One of My Favorite Websites

As the content (and garbage) on the web continues to proliferate, it’s sometimes hard to sort through the gold nuggets from the chaff (or the garbage).  This is especially true in the performance arena.  There is one particular site that has been up a while (“a while” in this case means since 1995).  It’s the work of consultant Don Clark.  Don has produced a true labor of love that everyone in the workplace learning and performance fields needs to be aware of.  With a background in the Army and then Starbucks before he set off on his own, Don decided to create a site not to promote himself but really cover a wide range of ISD, training, OD, performance, management and programmed learning content.  He’s got a variety of self-created templates, forms and manuals you can download on topics like ISD or task analysis.  He provides a list of HRD names and why they matter, books that are important, timelines for particular topics, relevant quotes and more.  But mostly the “more” is about tools and examples and content around how to do what it is that we do–more intelligently and effectively.  And the site is clearly designed to share knowledge, not for self-promotion or profit.  Frankly, I cannot think of a single person in the workplace learning and performance field who has been so prolific on their website in terms of content.

The primary topic headings off the main page are:  leadership, training, learning, history, knowledge, performance, java, news and his blog.  And under each of these topics, you’ve got a wealth of depth (in some cases over 100 individual pages of content in terms of a user’s manual or separate job aids).  Quite simply, there is a tremendous amount of eclectic depth and breadth on this site.  In the few exchanges I’ve had with Don in the past, he’s proven to be trusting, magnanimous and helpful and easy to deal with.   I once wanted to use some of his material for some University Professors in Central Asia and instead of providing a lot of hoops for me to jump through, really made it easy to move forward with his stuff.

I’m going to list the URL in just a few lines but I do so with the caveat–I think the URL has changed a few times over the 15+ years that Don has has this site up (and he continues to add to it).  So if for some reason the URL doesn’t work (which could be due to my error or a change on his part), I’ve always found it by searching for “Big Dog’s bowl of biscuits” (certainly a memorable phrase).  And if you go to the website and look at “about” you’ll see pictures of “big dog” and “little dog” with an explanation that will probably draw a chuckle from you and also just drive home how amazing this site is–that Don is clearly doing this out of a desire to help the field and share knowledge, not profit individually or market himself.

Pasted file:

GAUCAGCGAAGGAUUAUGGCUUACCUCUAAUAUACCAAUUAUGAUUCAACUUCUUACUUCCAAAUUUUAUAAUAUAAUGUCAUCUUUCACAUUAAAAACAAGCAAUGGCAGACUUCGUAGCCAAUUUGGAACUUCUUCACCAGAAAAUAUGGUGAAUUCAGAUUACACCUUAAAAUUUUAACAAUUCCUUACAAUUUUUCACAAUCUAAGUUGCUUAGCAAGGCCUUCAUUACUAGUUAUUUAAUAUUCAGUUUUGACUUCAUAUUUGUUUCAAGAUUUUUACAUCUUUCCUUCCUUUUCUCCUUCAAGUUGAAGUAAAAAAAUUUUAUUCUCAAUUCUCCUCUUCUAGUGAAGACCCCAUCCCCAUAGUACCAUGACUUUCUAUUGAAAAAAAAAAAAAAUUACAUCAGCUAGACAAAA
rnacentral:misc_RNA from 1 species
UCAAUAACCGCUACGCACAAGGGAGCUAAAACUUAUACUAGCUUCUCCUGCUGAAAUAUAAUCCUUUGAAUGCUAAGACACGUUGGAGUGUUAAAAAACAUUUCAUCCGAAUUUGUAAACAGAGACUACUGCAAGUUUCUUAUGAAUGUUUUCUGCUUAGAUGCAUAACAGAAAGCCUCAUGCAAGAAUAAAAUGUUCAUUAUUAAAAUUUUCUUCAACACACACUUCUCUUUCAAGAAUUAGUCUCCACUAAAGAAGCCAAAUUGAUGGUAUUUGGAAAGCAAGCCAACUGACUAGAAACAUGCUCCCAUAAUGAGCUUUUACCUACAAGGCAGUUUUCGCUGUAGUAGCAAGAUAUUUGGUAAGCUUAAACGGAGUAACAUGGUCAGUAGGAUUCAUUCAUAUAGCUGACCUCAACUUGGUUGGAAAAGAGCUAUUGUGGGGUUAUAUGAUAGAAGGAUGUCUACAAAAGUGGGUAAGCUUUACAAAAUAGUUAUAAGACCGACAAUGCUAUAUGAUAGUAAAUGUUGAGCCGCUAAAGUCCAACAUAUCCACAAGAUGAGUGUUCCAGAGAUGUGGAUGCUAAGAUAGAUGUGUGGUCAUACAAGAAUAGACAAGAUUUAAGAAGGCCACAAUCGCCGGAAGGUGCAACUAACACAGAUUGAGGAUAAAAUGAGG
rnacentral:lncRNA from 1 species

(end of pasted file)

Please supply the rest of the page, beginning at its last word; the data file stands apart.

The most recent URL that got me to Don’s site is:  www.nwlink.com/~donclark/ and if you haven’t visited the site before, I strongly suggest you do.  Don–keep up the great work!

Gulf Oil and Performance Lessons

With some labeling the BP oil spill in the Gulf of Mexico as the worst environmental disaster the USA has ever experienced, it’s worth looking at what we know so far about efforts to deal with the spill for performance improvement lessons.  As I look at what I’ve heard about this disaster, several critical lessons come to my mind.

  1. Ignore process at your own peril.  There has been such an emphasis on “action” and “leadership” (both by private and public sector organizations) that we’ve seen lots of money, people and activity–but often at cross-purposes.  Throwing money and resources at any problem is usually ineffective when there is no clear alignment around the process connecting all of the specific tasks.
  2. It’s a lot easier to prevent a problem than to fix a mistake.  The Gulf Oil spill illustrates this point so well–far better and easier to prevent the rig blowout than to clean up tar balls from beaches and try to bathe birds.
  3. Being clear about the desired outcome is critical.  Those of you knowledgeable about performance improvement know how critical outcomes are as a means of providing direction.   Unfortunately, everyone assumed there was a clear purpose (clean up the spill) when actually there was tremendous disagreement among directions.  Some groups argued for booms to corral the oil (which doesn’t address oil beneath the surface).  Others argued for strong use of chemicals to eat the oil or break it down (which was opposed by others who felt this could produce worse environmental impacts than the oil itself).  The disagreements were more than just differences on tactics but instead reflected major (and often incompatible) directions.
  4. Data matters.  Throughout the first month of the disaster, there was a consistent inability to answer some of the most basic questions like:  approximately how much oil is escaping daily, what backup or contingency plans are reasonable if the first cap fails, what are the environmental impact of the oil dispersants being used, and what percentage of the oil is remaining beneath the surface?  Without some kind of data, policy decisions were being made on the basis of educated guesses and anecdotes.

What other performance insights have you gotten from this mess?